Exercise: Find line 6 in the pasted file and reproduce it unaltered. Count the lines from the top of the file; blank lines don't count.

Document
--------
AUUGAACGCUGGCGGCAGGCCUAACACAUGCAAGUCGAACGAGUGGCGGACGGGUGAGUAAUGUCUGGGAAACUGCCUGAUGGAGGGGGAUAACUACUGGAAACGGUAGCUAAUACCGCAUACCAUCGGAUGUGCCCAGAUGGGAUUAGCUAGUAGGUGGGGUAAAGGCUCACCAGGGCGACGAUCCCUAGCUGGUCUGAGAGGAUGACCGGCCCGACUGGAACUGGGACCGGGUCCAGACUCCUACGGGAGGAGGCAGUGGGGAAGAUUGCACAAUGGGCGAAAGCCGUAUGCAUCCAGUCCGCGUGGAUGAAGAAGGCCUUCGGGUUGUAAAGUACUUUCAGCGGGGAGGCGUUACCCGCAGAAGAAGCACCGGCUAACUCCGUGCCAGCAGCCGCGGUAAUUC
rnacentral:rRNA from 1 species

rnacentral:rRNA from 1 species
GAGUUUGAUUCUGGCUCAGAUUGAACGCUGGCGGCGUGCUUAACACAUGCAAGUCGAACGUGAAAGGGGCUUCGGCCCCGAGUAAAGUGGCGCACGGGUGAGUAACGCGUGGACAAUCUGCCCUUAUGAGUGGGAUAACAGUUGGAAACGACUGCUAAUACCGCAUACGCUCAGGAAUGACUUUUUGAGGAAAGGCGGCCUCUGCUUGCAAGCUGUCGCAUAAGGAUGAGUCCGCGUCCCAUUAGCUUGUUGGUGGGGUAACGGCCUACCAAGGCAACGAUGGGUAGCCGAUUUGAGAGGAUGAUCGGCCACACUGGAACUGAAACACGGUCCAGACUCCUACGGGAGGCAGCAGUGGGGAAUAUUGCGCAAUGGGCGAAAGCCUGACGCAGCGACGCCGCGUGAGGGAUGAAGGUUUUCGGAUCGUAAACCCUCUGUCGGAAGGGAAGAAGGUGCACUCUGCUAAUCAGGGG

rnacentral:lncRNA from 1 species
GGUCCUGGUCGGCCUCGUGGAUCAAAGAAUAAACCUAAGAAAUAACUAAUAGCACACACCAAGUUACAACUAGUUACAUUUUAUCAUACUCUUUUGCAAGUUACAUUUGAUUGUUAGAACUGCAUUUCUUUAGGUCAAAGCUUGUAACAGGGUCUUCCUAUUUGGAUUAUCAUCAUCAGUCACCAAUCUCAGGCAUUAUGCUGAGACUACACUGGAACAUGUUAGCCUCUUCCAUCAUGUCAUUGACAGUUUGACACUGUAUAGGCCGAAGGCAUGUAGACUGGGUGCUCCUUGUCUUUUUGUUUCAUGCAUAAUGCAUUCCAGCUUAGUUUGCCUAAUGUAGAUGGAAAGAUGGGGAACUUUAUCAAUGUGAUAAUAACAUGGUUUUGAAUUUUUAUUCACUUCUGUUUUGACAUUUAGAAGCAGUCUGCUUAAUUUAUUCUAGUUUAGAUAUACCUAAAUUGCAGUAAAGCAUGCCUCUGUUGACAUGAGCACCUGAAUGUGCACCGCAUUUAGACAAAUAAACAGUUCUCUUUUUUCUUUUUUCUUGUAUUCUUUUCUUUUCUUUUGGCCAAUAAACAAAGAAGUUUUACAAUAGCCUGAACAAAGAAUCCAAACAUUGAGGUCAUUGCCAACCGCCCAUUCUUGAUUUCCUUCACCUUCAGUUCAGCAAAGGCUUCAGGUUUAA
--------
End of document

GGUCCUGGUCGGCCUCGUGGAUCAAAGAAUAAACCUAAGAAAUAACUAAUAGCACACACCAAGUUACAACUAGUUACAUUUUAUCAUACUCUUUUGCAAGUUACAUUUGAUUGUUAGAACUGCAUUUCUUUAGGUCAAAGCUUGUAACAGGGUCUUCCUAUUUGGAUUAUCAUCAUCAGUCACCAAUCUCAGGCAUUAUGCUGAGACUACACUGGAACAUGUUAGCCUCUUCCAUCAUGUCAUUGACAGUUUGACACUGUAUAGGCCGAAGGCAUGUAGACUGGGUGCUCCUUGUCUUUUUGUUUCAUGCAUAAUGCAUUCCAGCUUAGUUUGCCUAAUGUAGAUGGAAAGAUGGGGAACUUUAUCAAUGUGAUAAUAACAUGGUUUUGAAUUUUUAUUCACUUCUGUUUUGACAUUUAGAAGCAGUCUGCUUAAUUUAUUCUAGUUUAGAUAUACCUAAAUUGCAGUAAAGCAUGCCUCUGUUGACAUGAGCACCUGAAUGUGCACCGCAUUUAGACAAAUAAACAGUUCUCUUUUUUCUUUUUUCUUGUAUUCUUUUCUUUUCUUUUGGCCAAUAAACAAAGAAGUUUUACAAUAGCCUGAACAAAGAAUCCAAACAUUGAGGUCAUUGCCAACCGCCCAUUCUUGAUUUCCUUCACCUUCAGUUCAGCAAAGGCUUCAGGUUUAA